Geologist Career Profile

Geologists study the nature of soils and rock formations. Their work is economically very important, and includes major roles in the oil and mining industries. 

The Work Environment

Geologists work in multiple environments. Their academic and laboratory work environments are the primary workplace, but field studies and consultation are also major parts of their professional workload.

Geologists are best known for their work in the mining industry and oil industry, and this work is good description of the nature of their fundamental roles. In mining operations, geophysicists play a major part in mining exploration. This is known as "exploration geophysics".

Mining sector geologists analyze areas of ore deposits. Their findings are very important commercially. In many cases capital raising for mining ventures rests on proof of the value of ore bodies provided by geologists. Mining companies use this raw data and analyses to determine:

The nature of mineral deposits and mining areas: This includes the types of geological formation, mineralization patterns, and other raw data concerning the mining area. This is very like "mapping" the underground environment. It's extremely important work, because the miners have to deal with these formations to find and extract ore. 

Testing ore samples for commercial viability: Ore samples in the same area may vary widely, producing relatively high and low volumes of commercial ore. The geophysicist has to achieve a definitive valuation of these samples. That can be a very difficult process, requiring exhaustive testing. Miners must have proof of commercial deposits of ore prior to starting commercial operations. 

The extraction methods required: The geologist's findings directly affect the type of extraction methods used. Some mining operations with low concentrations of ore require extremely efficient, cost-effective, methods of mining. 

Identifying mining issues in geological formations: Another big cost to miners is dealing with problems created by geological formations. A mining operation's economics can be seriously affected by the need to dig through large amounts of hard rock, high levels of acidity, or sandy deposits which require expensive extraction methods. The geologist identifies these problems as part of their work into structural analysis of the ore bearing formations.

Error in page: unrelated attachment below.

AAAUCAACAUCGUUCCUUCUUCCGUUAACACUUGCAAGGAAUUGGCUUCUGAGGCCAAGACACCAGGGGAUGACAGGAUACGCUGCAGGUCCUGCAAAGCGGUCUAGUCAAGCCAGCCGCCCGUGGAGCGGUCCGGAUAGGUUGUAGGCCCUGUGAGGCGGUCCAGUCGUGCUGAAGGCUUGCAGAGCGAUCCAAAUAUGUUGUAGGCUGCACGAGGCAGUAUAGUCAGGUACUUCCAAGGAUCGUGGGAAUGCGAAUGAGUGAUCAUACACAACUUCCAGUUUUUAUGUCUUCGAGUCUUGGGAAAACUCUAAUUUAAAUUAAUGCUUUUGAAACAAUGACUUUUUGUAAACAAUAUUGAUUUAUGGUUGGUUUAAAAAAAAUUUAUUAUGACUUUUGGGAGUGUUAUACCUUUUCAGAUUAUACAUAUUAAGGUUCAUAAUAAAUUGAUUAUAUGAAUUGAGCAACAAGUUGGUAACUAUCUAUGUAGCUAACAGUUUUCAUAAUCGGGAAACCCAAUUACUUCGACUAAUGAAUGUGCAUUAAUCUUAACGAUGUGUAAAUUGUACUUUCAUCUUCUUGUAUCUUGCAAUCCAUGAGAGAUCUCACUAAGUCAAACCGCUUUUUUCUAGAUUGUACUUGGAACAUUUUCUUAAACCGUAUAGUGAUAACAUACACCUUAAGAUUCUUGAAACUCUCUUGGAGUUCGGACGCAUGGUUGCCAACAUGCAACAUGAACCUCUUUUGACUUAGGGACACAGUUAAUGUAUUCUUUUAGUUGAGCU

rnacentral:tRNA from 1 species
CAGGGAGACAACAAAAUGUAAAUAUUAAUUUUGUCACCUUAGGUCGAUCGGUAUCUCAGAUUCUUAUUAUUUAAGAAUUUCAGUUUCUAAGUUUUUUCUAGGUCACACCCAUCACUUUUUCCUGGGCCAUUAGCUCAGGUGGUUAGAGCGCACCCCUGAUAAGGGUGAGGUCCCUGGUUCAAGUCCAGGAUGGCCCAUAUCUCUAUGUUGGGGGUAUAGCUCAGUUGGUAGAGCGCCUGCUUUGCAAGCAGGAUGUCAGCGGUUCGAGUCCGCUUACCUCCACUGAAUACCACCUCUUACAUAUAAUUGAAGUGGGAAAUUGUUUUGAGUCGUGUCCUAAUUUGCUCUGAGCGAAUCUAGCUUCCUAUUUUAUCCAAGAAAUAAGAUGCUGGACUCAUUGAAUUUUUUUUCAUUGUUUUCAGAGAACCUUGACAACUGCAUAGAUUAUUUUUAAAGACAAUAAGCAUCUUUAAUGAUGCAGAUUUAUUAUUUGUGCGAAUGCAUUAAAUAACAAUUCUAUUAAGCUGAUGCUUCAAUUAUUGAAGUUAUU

Wages: $35,000 to $100,000, based on experience and qualifications. Consultancy fees may apply which significantly increase income potentials.

Hours: Can be highly variable, depending on the nature of the work.

The Career Environment

Geologists work in critical areas of commercial science which include both intrinsic values and important crossover points with other sciences. Those two factors greatly expand their career options. Because they can work in multiple areas of study, they can also work as in-house project experts in areas like environmental studies, engineering, seismology and water resources.

They can also operate as project consultants. A construction project, for example, may require detailed structural analysis of the subsoil, water table, drainage, and other factors related to the construction. Major engineering projects like dams also require high levels of analysis for construction purposes.

Career progression for geologists is based on professional qualifications and achievements. The broad range of applications of their science allows for a high level of job mobility throughout various sectors of industry and academic research.